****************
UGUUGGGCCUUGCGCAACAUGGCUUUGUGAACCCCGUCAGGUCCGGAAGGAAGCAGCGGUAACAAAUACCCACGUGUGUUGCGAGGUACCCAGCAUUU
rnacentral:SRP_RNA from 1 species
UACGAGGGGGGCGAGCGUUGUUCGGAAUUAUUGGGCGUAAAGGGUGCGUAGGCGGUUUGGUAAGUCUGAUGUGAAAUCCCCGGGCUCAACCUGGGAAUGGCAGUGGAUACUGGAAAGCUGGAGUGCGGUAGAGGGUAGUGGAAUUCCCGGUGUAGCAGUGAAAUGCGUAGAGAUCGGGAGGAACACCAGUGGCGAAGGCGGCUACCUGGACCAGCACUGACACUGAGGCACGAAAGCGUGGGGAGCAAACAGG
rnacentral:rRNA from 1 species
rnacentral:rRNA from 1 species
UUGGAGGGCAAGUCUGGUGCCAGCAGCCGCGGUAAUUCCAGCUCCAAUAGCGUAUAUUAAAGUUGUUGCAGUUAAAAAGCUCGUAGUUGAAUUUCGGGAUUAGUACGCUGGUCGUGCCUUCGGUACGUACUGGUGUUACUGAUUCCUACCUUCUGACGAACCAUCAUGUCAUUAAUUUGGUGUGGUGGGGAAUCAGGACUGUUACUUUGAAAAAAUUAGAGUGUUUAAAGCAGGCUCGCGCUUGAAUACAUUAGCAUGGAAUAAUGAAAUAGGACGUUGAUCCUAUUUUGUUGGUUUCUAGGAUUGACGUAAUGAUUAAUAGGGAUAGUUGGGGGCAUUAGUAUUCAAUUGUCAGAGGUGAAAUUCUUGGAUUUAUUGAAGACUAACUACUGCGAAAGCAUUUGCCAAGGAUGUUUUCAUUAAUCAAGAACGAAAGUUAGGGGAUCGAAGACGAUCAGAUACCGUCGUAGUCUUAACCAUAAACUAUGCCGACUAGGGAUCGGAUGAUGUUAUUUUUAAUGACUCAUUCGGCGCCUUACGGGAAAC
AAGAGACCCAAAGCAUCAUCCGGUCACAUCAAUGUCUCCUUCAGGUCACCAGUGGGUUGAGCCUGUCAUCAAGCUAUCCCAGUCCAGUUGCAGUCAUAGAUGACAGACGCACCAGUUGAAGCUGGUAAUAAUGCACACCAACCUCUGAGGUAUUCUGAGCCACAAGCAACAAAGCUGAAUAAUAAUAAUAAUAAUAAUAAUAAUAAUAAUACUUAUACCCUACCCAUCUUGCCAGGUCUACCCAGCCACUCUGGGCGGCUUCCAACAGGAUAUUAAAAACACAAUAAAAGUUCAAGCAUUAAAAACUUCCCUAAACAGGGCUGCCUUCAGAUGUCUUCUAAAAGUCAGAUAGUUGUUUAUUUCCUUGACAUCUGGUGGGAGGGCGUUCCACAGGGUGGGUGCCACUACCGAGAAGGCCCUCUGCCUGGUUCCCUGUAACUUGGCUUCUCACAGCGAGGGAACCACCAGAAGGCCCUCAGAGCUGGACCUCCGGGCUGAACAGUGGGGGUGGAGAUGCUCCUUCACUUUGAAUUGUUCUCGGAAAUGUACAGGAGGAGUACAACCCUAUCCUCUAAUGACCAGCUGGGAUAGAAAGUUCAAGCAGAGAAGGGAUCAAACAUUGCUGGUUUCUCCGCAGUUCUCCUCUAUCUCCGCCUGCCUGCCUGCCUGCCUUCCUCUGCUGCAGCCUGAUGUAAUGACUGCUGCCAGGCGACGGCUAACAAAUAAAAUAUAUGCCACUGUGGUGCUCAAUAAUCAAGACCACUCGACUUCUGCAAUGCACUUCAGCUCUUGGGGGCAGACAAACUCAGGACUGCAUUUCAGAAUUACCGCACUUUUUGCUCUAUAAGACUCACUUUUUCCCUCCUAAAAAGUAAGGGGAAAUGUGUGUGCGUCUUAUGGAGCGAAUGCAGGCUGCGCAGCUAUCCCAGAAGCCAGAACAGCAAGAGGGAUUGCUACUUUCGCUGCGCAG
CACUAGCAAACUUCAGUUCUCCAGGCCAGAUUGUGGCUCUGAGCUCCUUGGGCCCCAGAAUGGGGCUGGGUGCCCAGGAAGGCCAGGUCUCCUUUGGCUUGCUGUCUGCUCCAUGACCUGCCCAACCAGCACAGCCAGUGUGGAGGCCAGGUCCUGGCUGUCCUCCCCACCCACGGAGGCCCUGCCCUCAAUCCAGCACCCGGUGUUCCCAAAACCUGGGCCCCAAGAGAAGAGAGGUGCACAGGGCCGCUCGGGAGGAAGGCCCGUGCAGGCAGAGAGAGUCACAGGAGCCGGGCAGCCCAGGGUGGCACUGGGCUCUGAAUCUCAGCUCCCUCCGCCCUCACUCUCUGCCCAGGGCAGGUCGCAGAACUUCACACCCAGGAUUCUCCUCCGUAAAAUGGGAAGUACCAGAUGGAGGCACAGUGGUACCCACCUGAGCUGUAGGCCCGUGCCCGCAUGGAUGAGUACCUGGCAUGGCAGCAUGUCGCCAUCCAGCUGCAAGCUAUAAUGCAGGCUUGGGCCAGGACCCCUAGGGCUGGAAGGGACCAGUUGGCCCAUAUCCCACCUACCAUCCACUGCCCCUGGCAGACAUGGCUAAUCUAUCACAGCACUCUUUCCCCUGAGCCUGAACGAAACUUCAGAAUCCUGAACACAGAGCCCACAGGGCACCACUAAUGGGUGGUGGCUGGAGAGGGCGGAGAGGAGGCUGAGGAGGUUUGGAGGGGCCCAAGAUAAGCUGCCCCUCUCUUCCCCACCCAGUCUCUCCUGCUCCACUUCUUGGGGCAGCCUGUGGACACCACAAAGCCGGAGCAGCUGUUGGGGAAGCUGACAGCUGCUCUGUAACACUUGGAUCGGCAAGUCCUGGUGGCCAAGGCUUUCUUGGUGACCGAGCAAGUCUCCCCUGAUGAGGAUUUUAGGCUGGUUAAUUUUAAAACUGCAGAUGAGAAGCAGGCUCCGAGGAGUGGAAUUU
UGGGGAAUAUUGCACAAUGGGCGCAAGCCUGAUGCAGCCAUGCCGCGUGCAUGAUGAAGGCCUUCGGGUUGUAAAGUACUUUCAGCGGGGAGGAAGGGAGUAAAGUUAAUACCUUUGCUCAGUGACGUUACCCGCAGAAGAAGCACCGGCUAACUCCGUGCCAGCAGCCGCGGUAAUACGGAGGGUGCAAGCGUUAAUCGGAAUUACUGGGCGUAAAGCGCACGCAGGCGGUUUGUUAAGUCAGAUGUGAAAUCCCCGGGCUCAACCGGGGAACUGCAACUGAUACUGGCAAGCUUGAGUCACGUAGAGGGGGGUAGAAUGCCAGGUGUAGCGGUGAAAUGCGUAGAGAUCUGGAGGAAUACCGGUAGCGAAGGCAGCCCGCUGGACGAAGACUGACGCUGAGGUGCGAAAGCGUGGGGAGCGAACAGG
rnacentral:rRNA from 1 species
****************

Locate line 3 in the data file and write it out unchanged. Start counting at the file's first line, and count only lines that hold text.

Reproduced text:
UACGAGGGGGGCGAGCGUUGUUCGGAAUUAUUGGGCGUAAAGGGUGCGUAGGCGGUUUGGUAAGUCUGAUGUGAAAUCCCCGGGCUCAACCUGGGAAUGGCAGUGGAUACUGGAAAGCUGGAGUGCGGUAGAGGGUAGUGGAAUUCCCGGUGUAGCAGUGAAAUGCGUAGAGAUCGGGAGGAACACCAGUGGCGAAGGCGGCUACCUGGACCAGCACUGACACUGAGGCACGAAAGCGUGGGGAGCAAACAGG